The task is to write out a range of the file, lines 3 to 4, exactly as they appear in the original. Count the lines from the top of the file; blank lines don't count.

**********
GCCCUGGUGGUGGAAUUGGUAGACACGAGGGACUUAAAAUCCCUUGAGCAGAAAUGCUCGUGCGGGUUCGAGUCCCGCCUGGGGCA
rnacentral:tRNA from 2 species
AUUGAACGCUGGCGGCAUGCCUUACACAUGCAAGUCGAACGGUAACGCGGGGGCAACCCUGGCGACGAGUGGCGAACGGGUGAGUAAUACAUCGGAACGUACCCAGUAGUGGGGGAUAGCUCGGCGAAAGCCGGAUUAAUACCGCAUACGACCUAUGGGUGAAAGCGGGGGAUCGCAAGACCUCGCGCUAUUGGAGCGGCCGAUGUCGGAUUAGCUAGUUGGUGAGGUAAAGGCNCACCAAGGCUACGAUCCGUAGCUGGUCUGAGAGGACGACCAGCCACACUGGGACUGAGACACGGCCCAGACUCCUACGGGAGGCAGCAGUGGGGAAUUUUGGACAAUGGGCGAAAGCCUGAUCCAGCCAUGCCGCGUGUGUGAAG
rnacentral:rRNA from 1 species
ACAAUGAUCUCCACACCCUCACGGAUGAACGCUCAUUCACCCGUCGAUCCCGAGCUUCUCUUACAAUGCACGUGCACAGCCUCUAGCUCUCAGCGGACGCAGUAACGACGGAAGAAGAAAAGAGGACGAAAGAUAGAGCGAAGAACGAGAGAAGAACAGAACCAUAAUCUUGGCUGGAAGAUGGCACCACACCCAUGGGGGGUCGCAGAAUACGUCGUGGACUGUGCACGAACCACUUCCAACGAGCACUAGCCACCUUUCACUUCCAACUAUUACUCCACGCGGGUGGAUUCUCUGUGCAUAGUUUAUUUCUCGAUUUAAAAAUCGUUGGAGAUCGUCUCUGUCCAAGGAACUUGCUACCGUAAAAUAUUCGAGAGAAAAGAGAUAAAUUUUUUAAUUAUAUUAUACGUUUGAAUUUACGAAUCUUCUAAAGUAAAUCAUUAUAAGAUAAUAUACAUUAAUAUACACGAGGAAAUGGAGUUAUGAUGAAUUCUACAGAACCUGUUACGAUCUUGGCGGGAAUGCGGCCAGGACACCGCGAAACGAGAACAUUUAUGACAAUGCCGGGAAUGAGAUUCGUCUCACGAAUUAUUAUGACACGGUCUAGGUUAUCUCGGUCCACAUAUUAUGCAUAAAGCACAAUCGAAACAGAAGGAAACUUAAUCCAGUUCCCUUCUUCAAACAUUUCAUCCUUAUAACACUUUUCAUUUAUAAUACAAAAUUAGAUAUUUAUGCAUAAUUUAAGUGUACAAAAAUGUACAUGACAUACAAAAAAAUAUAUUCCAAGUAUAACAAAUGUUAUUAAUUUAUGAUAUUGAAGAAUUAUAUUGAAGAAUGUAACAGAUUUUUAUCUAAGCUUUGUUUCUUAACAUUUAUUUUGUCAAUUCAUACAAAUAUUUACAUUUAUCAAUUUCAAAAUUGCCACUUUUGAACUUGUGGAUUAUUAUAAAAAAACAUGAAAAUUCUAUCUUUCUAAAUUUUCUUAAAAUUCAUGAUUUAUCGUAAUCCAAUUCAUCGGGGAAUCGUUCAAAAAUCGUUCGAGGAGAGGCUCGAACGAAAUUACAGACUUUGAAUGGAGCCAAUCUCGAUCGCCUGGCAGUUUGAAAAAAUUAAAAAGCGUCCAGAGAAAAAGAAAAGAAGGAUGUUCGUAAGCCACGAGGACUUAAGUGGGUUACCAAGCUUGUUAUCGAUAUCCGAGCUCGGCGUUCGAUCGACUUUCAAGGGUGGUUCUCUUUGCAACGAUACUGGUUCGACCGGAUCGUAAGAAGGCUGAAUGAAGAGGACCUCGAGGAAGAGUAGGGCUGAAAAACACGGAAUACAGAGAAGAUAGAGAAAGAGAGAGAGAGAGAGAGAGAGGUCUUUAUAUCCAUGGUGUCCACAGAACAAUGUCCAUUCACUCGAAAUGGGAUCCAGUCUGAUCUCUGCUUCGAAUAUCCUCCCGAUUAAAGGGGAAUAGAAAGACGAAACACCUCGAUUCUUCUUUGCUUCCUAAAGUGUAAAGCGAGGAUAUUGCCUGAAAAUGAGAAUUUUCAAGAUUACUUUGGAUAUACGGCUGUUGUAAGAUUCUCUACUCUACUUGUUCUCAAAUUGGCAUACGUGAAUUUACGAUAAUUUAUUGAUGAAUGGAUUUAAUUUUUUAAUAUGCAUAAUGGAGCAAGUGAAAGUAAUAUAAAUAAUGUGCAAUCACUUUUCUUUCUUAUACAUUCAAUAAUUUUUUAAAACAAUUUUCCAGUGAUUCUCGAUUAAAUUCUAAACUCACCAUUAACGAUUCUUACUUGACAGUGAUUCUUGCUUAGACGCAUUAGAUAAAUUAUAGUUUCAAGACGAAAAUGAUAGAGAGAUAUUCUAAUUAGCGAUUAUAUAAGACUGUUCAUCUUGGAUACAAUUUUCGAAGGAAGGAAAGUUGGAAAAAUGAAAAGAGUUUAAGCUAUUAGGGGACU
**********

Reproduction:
AUUGAACGCUGGCGGCAUGCCUUACACAUGCAAGUCGAACGGUAACGCGGGGGCAACCCUGGCGACGAGUGGCGAACGGGUGAGUAAUACAUCGGAACGUACCCAGUAGUGGGGGAUAGCUCGGCGAAAGCCGGAUUAAUACCGCAUACGACCUAUGGGUGAAAGCGGGGGAUCGCAAGACCUCGCGCUAUUGGAGCGGCCGAUGUCGGAUUAGCUAGUUGGUGAGGUAAAGGCNCACCAAGGCUACGAUCCGUAGCUGGUCUGAGAGGACGACCAGCCACACUGGGACUGAGACACGGCCCAGACUCCUACGGGAGGCAGCAGUGGGGAAUUUUGGACAAUGGGCGAAAGCCUGAUCCAGCCAUGCCGCGUGUGUGAAG
rnacentral:rRNA from 1 species